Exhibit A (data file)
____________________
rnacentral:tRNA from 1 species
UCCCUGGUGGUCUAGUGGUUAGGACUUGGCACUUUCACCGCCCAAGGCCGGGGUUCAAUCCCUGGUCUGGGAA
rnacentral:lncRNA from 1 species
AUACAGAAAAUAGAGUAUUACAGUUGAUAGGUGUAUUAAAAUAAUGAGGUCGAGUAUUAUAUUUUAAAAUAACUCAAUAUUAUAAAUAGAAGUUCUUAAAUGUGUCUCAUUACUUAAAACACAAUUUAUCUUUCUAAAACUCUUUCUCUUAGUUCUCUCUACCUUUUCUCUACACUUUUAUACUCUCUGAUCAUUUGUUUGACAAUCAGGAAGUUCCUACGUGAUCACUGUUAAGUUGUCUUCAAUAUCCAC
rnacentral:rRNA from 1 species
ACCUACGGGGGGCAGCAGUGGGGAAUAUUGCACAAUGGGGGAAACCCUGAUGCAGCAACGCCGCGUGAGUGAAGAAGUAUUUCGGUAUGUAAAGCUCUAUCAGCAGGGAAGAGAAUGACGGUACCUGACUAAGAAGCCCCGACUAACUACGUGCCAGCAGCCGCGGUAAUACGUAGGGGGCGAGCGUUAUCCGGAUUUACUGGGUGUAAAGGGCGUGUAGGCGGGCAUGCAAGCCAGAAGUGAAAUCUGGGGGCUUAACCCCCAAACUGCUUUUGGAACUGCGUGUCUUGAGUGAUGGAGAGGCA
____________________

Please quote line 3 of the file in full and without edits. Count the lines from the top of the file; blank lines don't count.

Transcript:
rnacentral:lncRNA from 1 species